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USDA: $26 Million for Rural Michigan Water, Waste Infrastructure
Michigan Ag Connection - 05/29/2020

U.S. Department of Agriculture (USDA) State Director Jason Allen announced that the department is investing $281 million in 106 projects to improve water and wastewater infrastructure in rural communities in 36 states and Puerto Rico. USDA is funding the projects through the Water and Waste Disposal Loan and Grant program.

"These investments will help improve water quality and safety for many rural Michigan residents. They will replace old, fragile systems with new ones and allow upgrades to facilities that are decades old, boosting efficiencies and addressing environmental hazards," Allen said. "Under the leadership of President Trump and Agriculture Secretary Perdue, USDA is committed to partnering with rural communities to help them improve their infrastructure, because when rural America thrives, all of America thrives."

USDA is funding projects in Alabama, Arkansas, California, Colorado, Georgia, Iowa, Illinois, Indiana, Kansas, Kentucky, Louisiana, Maine, Massachusetts, Michigan, Minnesota, Missouri, Mississippi, Montana, Nebraska, New York, North Carolina, North Dakota, Ohio, Oklahoma, Oregon, Pennsylvania, Puerto Rico, South Carolina, South Dakota, Tennessee, Texas, Utah, Virginia, Washington, West Virginia, Wisconsin and Wyoming.

Eligible applicants include rural cities, towns and water districts. The funds can be used for drinking water, stormwater drainage and waste disposal systems in rural communities that meet population limits. In Michigan, there are ten rural communities that will receive funding:

- Houghton will use a $1,926,000 million loan and a $974,000 grant for water and sewer improvements as part of their Phase Three Plan. The existing sewer is over 100 years old and is in poor condition. The old sewer main is also susceptible to inflow and infiltration. The project will replace the sewer main on nine streets. The 120-year-old water main has deteriorated and is undersized for current water demands. Michigan Department of Transportation will also be replacing roadway in this section which will save the water customers the expense of restoration. Approximately one mile of water main will be replaced, along with replacement of the system wide generator. The water system is comprised of distribution main, elevated tank, wells, booster stations and treatment plant. These upgrades will serve 3,856 users.

- Manistee will use a $300,000 loan to rehabilitate deficient sewer mains in three flow districts. The city has had combined sewer overflows from the wastewater treatment plant to the Manistee River. This project will address this health and safety violation and serves 6,491 users. These additional Rural Development funds are needed to complete the project that was initially funded in 2018 for $4.4 million.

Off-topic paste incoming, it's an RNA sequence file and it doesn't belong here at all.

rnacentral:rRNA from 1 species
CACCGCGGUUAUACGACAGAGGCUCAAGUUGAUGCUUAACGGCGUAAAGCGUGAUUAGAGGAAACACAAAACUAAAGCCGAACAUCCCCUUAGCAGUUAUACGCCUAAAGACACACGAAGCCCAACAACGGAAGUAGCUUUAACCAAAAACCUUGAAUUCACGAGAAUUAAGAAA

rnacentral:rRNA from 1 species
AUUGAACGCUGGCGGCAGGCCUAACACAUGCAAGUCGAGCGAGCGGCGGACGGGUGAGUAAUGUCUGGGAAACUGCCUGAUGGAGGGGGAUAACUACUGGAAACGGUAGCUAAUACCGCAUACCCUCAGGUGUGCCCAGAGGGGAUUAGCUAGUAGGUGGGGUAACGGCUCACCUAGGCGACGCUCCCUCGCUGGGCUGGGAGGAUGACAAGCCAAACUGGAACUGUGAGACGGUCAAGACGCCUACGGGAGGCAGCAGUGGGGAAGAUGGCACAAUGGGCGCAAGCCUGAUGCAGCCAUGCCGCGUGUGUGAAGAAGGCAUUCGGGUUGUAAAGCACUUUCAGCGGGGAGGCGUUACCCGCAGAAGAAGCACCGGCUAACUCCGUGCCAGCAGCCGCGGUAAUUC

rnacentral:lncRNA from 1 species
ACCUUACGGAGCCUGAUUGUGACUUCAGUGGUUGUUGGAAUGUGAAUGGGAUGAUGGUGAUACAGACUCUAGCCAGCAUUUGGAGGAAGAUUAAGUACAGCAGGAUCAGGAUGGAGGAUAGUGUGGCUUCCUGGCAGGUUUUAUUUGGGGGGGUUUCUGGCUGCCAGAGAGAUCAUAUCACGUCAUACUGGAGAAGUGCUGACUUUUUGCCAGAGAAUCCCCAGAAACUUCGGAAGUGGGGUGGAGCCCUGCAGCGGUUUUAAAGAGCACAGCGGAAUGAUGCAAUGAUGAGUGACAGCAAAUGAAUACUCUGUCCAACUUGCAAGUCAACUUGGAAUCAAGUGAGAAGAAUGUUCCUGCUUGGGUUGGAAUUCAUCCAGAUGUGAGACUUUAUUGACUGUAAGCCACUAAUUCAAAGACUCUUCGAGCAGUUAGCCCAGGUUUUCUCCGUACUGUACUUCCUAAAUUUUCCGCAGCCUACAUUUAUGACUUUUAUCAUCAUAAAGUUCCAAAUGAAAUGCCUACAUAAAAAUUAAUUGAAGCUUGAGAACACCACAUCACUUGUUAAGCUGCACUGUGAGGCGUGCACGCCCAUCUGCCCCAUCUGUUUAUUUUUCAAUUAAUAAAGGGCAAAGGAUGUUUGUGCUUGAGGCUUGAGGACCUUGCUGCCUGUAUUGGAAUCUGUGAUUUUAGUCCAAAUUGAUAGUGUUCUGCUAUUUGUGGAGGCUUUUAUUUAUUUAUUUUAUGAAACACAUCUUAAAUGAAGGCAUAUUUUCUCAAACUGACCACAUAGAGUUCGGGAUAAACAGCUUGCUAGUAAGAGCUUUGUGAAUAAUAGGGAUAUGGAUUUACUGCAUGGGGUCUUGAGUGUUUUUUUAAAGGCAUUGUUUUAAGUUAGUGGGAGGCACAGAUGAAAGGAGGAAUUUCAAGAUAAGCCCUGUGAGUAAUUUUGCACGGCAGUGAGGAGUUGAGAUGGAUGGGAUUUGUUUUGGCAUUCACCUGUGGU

- Manistique will use a $225,000 loan and a $1,034,000 million grant to replace undersized water mains and fix the current sewer system which is currently not in compliance with permitting because of combined sewer overflows. It will address eliminating sources of excessive inflow and infiltration into the sewer system This project will serve 3,171 users. These additional Rural Development funds are needed to complete the project that was initially funded in 2018 for $3.1 million.

- Martin will use a $567,000 loan and a $150,000 grant to improve the sewer system. An evaluation of the system revealed that two pump stations are in very poor to fair condition and lack several recommended safety measures. The project provides for lift station upgrades and manhole repairs. The sewer system serves 410 users.

- McBain will use a $2,048,000 million loan and a $4,444,000 million grant to improve their municipal water system. The proposed project will replace watermain, replace wells, modify the storage tank and install water meters, along with the construction of an iron removal plant which will alleviate the poor water quality from the well field. The water system serves 394 users.

- Petersburg will use a $4,821,000 million loan to improve the municipal water system constructed in the 1940s. The latest improvement was done in 2003. The existing watermain is old and undersized using asbestos cement. The community has experienced many watermain breaks in the past few years. Almost 20 streets will be upgraded by horizontally drilling and installing parallel water mains to the existing water mains. The sewer system serves 1,304 users.

- Dorr Township-Leighton Township Wastewater Authority in Allegan County will use a $2,346,000 million loan to help finance the expansion of their wastewater treatment plant. The plant serves 1,092 users.

- Benzonia will use a $140,000 loan to make water system improvements. The project will replace various sections of watermain, install a new well, paint the water tower, install a generator and replace water meters. The water system serves 497 users.

- Blissfield will use a $6,849,000 million loan to make improvements to their sewer system. The sewer collection system was installed in 1981 with no major improvements since. The system was recently evaluated and funded by the state of Michigan Stormwater Asset Management and Wastewater (SAW) grant. The system is comprised of collection with pump stations with treatment by the city of Plainwell. Two pump stations are in very poor to fair condition and lack several recommended safety measures. The proposed project will include lift station upgrades and manhole repairs. The sewer system serves 3,452 users.

- Ravenna will use a $132,000 loan to rehabilitate and repair the lift stations and the wastewater treatment plant. The sewer system serves 1,195 users. These additional Rural Development funds are needed to complete the project that was initially funded in 2018 for $1.9 million.


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